US 20080195155 A1
Instruments are provided for linearly inserting a locking member into a coupling member that secures a rod to a bone or portion of a bone. A moveable drive member of the instrument drives the locking member into engagement with the coupling member, securing the rod therebetween.
1. A surgical instrument for securing a locking cap to a coupling member, the surgical instrument comprising:
an elongate body;
a fixed member extending from the body having a seat configured for receiving the coupling member; and
a drive member having a tip configured for releasably engaging the locking cap, the drive member being linearly moveable relative to the fixed member to advance the locking cap into the coupling member.
2. The instrument of
3. The instrument of
4. The instrument of
5. The instrument of
6. The instrument of
7. The instrument of
8. The instrument of
9. The instrument of
10. A method for securing a locking member to a coupling member having a base portion and upstanding wall portions, the method comprising:
engaging the coupling member along a base portion thereof with a seat portion of a tool;
linearly advancing the locking member with a linearly moving drive portion of the tool with an actuating force applied to the drive portion;
using the engagement between the coupling member with the seat portion of the tool to maintain the linear movement of the locking member in the advancing direction as force is applied to the drive portion; and
camming the upstanding wall portions of the coupling member outward as the locking member is advanced into the coupling member.
11. The method of
12. The method of
13. A vertebral implant system comprising:
a spinal rod;
a coupling member having a base portion, upstanding side walls extending from a first side of the base portion, and an anchor member extending from a second side of the base portion and anchored to a vertebra;
a locking cap configured for linear insertion into the coupling member;
an insertion tool for inserting the cap into the yoke, the insertion tool having a handle and an actuator moveable with respect to the handle;
a fixed member extending from the handle of the insertion tool, the fixed member having outwardly extending arms that engage the coupling member base from the second side;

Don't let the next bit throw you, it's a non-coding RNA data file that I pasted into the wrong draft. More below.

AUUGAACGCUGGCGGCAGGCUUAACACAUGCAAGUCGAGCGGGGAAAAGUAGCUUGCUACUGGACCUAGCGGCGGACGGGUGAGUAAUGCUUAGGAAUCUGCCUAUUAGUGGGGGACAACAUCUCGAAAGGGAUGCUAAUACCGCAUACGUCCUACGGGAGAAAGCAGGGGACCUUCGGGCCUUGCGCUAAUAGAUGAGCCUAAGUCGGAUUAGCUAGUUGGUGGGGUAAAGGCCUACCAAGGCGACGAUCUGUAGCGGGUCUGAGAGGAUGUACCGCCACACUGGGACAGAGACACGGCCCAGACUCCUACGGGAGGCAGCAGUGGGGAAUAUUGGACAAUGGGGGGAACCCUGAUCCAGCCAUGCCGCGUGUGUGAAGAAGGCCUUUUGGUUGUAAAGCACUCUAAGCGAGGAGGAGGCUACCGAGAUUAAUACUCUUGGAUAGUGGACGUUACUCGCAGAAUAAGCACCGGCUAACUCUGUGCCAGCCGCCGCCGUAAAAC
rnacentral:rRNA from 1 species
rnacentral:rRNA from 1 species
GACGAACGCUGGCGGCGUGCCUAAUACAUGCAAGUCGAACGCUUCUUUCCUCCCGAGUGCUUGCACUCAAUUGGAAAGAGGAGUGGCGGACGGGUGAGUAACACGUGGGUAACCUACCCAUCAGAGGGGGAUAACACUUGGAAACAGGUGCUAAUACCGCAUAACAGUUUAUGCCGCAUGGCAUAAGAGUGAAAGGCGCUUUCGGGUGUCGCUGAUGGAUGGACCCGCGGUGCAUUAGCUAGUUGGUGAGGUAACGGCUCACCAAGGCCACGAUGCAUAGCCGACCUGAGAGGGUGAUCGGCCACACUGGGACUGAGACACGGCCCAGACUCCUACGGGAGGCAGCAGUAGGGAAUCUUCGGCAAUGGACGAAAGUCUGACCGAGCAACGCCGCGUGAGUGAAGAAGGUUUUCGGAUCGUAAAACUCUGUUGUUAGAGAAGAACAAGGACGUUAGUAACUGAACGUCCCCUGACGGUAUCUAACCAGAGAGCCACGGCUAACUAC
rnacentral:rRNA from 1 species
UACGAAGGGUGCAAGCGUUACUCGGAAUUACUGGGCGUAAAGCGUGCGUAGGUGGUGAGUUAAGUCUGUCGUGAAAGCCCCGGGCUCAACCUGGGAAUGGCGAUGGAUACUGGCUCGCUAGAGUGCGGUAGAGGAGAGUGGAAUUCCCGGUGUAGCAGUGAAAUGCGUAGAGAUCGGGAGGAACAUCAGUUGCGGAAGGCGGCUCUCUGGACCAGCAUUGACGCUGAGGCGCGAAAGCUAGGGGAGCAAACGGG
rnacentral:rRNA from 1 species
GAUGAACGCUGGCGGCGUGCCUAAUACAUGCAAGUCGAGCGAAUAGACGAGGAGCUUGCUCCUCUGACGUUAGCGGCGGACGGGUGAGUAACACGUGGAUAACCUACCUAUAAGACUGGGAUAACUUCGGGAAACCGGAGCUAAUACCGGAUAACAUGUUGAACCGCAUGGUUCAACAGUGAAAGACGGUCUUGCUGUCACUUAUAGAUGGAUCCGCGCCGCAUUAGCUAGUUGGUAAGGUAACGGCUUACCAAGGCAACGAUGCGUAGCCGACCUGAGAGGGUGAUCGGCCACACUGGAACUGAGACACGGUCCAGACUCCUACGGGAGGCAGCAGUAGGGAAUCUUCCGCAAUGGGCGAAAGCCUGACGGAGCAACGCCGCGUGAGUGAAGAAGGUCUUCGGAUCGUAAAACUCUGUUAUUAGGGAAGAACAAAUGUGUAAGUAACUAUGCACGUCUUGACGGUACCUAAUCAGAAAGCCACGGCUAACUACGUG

a drive member extending from the handle of the insertion tool and moveable with respect thereto by movement of the actuator, the drive member having a portion configured to receive the locking cap.
14. The system of
15. The system of
16. The system of
This application claims the benefit of U.S. Provisional Application Ser. No. 60/889,368, filed Feb. 12, 2007, and entitled “Locking Instrument for Implantable Fixation Device,” which is hereby fully incorporated by reference as if set forth herein.
The present disclosure relates to an instrument for securing a spinal rod relative to the spine and, more particularly, to an instrument for use in securing a spinal rod to a coupling member that is anchored to a bone.
In a number of surgical procedures, implant devices are utilized to promote the healing and repair of various parts of the human body. In some cases, implant devices secure bones or bone segments relative to each other so that the bones themselves may heal, fuse, or be repositioned. For instance, two or more vertebrae of the spinal column may be linked together by a plate or an elongated rod member in order to prevent relative movement between the vertebrae. Alternatively, an elongated rod may be used to rotate or de-rotate one or more vertebrae relative to at least one other vertebra, such as in treatments for scoliosis, where undesirable torsion of the spine is corrected by “de-rotating” one or more out-of-phase vertebrae to place them in proper rotational alignment with the other vertebrae. In still other cases, implant devices are used to secure a plurality of bones or bone fragments so that soft tissues proximally located to the bones may heal without being disturbed by relative movement of the bones.
Typically, implanting devices that secure bones or bone segments relative to each other involves securing a plurality of coupling members to a plurality of respective bones using anchor members such as bone screws, hooks, or other fixtures. Then, each of the fixtures is secured relative to the others with an additional apparatus, such as a connecting rod. A pedicle screw and rod system is one such example that is commonly used to connect adjacent vertebrae together.